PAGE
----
The toddler stage is a particularly challenging one from a feeding perspective. Once your little one begins to eat solid food, and his main nutritional source is no longer breastmilk or formula, many parents begin to panic. Is he eating enough? Am I introducing enough variety? Why is he so picky? Making sure your child is eating enough foods and is eating the right foods can be tricky for many parents.
The American Academy of Pediatrics (AAP) recently came out with new toddler feeding guidelines which may assuage some parents fears and educate moms and dads on what to feed their little ones. First, if you’re worried that your child isn’t eating enough, the AAP says that while children rapidly develop in their first year of life, after the age of one, their development continues at a slower pace, and they don’t need an excessive amount of food. According to the AAP, between the ages of 1 and 3, children need 40 calories per inch of height. Most toddlers, according to that guideline, need between 1000 and 1500 calories per day. Since most children eat three meals and two snacks each day, even if their portions are small, that calorie count isn’t too difficult to reach.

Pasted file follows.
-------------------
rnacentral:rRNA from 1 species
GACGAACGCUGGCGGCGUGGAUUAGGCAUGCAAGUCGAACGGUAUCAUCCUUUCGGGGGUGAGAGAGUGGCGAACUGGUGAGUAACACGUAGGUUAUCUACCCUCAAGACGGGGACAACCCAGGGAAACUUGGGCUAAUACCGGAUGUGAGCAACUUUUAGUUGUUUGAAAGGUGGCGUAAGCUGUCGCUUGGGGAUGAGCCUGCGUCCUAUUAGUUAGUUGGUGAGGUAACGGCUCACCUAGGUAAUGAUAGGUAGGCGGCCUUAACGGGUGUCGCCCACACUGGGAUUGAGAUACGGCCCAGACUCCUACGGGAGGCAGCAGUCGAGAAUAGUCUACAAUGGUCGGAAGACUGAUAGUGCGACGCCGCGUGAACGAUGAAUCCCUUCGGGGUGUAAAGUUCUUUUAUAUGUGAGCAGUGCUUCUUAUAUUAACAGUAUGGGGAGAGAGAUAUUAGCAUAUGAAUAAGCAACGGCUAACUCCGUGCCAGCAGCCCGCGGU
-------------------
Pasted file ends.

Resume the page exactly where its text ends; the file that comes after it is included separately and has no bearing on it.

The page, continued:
If you’re wondering what kinds of foods your toddler should be eating, and in what quantities, the AAP offers guidelines in this area, too. Grains should make up the majority of your child’s diet, with 6 servings, or 250 calories, recommended. This category might be the most palatable for your little one, since many kids love toast, crackers, pasta, and rice. The AAP recommends 2 to 3
servings, or 75 calories, of vegetables, per day. This may seem a little more difficult, but trying a variety of different veggies will help you to determine which ones your toddler will eat, and which ones are unwelcome. Fruit is a bit easier to work in, and the AAP recommends 2 to 3 servings, or 75 calories, which shouldn’t be difficult for all of the strawberry, blueberry, apple, and banana lovers out there. The AAP suggests 2 to 3 servings of dairy, or 300 to 450 calories per day. Many kids are milk drinkers and quite a few love yogurt and cheese, and since dairy is highly caloric, most kids are getting their fill. Children should receive 2 servings of protein per day, or 200 calories. If your child loves chicken or fish, you’ve probably nailed this one. Legumes are also recommended at 2 servings or 200 calories per day. If you’re having trouble getting your child to try beans or lentils, pureeing them into a soup can be an easy fix. For kids without peanut allergies, one tablespoon of peanut butter is recommended daily as well.
These guidelines are not hard and fast, and if your toddler swears off veggies for a short while or goes on a yogurt strike, don’t panic. As long as they are eating from several of these food groups throughout each day, they are likely getting what they need. These new guidelines offer a great reference when you’re planning your toddler’s meals throughout the week!